CategoryTechnology

Technology! These articles are about technology in a broad sense. For technical topics, it includes technical how-to articles or coverage of an exciting new project I discovered. Some non-technical topics include tech culture, issues in tech, or the intersections of technology and humanity.

Six months later: 3 things I learned from deleting Facebook

Six months ago, I deleted my Facebook and Instagram accounts. Beyond data privacy concerns, social media became a virtual band-aid applied to moments of weakness and sadness for me. I became more aware of the effects of social media on my mood and general outlook on the world, as I explained in my decision to delete my accounts. Six months passed since I deleted my accounts. Along the way, I learned a few lessons on creating a healthy diet of media and pop culture consumption in a world of constant connectivity and endless media reservoirs.

This article explains some of the changes I made in my life to how I use social media and my smart phone since deleting my accounts. Hopefully you will find these tips useful too.

The picture is dramatic, but when you spend more time thinking about how you use your phone, you realize more how the world uses our phones and the Internet, like Facebook and social media. Photo from SparkXL.

The picture is dramatic, but when you spend more time thinking about how you use your phone, you realize more how the world uses our phones and the Internet. Photo from SparkXL.

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How to automatically scale Kubernetes with Horizontal Pod Autoscaling

Scale is a critical part of how we develop applications in today’s world of infrastructure. Now, containers and container orchestration like Docker and Kubernetes make it easier to think about scale. One of the “magical” things about The potential of Kubernetes is fully realized when you have a sudden increase in load, your infrastructure scales up and grows to accommodate. How does this work? With Horizontal Pod Autoscaling, Kubernetes adds more pods when you have more load and drops them once things return to normal.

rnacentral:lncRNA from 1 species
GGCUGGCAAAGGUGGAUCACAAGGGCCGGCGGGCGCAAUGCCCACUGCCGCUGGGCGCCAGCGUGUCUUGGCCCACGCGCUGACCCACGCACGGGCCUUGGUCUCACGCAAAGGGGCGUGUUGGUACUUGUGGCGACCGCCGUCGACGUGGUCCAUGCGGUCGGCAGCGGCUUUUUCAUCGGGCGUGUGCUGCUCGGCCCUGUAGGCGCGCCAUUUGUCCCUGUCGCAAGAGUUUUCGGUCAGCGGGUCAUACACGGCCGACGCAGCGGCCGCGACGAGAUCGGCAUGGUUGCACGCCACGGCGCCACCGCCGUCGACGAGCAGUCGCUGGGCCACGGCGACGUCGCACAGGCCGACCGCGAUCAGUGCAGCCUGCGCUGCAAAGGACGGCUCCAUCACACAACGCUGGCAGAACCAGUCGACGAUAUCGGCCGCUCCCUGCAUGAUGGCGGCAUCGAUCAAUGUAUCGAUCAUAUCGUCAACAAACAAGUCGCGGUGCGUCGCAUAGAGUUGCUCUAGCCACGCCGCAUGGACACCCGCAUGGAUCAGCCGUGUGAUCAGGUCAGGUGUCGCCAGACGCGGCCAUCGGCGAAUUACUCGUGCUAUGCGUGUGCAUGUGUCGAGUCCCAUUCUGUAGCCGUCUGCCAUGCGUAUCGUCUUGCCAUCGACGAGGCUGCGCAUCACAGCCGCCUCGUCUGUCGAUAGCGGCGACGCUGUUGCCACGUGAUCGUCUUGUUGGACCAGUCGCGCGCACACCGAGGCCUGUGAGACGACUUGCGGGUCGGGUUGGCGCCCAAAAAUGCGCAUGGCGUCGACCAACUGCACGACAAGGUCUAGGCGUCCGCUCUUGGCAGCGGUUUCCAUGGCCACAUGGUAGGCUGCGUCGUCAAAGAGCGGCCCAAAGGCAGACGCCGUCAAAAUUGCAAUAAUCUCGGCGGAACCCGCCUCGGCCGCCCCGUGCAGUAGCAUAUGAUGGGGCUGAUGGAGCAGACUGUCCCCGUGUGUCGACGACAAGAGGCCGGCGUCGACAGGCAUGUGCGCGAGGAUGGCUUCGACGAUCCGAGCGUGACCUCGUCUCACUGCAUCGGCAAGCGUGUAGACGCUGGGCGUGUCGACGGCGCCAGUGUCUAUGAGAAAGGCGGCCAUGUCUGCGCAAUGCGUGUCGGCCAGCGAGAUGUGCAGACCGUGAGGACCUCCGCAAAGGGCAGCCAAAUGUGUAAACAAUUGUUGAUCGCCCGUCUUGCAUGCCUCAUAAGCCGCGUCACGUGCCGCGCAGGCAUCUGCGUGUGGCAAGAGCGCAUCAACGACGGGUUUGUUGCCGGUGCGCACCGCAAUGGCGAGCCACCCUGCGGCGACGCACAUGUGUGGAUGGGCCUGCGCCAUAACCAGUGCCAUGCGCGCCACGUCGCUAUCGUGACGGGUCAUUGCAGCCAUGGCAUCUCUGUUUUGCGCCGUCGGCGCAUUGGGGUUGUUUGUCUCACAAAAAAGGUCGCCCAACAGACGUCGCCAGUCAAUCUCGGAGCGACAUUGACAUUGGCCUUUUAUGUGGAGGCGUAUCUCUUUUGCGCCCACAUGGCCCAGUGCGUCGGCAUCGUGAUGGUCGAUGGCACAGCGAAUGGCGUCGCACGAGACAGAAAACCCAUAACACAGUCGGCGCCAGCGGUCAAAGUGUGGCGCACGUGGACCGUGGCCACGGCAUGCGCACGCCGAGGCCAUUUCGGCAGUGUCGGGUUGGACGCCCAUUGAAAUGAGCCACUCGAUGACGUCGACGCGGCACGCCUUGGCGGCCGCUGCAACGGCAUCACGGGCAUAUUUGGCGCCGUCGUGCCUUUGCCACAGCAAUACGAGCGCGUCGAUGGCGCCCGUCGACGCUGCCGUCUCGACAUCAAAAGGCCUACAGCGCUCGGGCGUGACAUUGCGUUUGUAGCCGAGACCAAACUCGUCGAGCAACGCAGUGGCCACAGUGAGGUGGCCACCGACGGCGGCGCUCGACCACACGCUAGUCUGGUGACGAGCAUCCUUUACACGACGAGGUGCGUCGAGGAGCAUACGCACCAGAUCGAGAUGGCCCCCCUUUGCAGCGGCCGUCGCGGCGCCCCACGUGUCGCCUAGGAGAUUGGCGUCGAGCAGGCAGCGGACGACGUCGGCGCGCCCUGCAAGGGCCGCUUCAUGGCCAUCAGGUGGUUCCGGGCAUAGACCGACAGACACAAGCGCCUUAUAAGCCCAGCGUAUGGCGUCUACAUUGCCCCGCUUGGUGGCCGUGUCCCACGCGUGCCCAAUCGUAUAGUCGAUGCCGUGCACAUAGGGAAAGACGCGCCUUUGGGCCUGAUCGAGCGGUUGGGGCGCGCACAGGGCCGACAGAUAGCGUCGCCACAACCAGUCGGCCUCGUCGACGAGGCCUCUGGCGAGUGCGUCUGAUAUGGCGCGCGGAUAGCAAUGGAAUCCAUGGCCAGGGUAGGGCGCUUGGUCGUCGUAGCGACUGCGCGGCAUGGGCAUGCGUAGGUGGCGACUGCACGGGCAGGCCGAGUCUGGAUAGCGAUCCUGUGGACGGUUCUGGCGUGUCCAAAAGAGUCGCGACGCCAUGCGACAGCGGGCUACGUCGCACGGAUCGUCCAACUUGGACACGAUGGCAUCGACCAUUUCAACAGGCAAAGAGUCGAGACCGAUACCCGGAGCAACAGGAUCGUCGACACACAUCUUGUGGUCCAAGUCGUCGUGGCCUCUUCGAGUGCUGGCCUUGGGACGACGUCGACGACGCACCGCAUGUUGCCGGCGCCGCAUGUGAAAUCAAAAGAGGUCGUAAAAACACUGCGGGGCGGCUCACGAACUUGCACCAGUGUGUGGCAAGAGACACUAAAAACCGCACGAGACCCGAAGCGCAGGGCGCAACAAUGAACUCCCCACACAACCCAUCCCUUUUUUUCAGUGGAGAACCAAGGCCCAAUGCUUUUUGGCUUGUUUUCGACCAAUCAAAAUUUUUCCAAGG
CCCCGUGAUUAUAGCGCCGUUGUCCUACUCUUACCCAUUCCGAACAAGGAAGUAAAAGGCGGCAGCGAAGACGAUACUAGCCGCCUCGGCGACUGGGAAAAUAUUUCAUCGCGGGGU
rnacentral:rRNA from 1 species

This article covers Horizontal Pod Autoscaling, what it is, and how to try it out with the Kubernetes guestbook example. By the end of this article, you will…

  • Understand what Horizontal Pod Autoscaling (HPA) is
  • Be able to create an HPA in Kubernetes
  • Create an HPA for the Guestbook and watch it work with Siege

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2017 – My Year in Review

I can’t remember how writing an annual reflection became a tradition, but after writing them for the last two years, it is now a habit. Every time I look back on all that the last year brought into my life, it is surreal. Many things that happened, I could never have expected one or two years ago. And perhaps now, I see that life is defined by the unexpected moments: the things that surprise us, warm our hearts, sadden us, and remind us of our humanity. Thus, I present my year in review of 2017.

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Raspberry Pis and open source at Rochester Mini Maker Faire

This article was originally published on Opensource.com.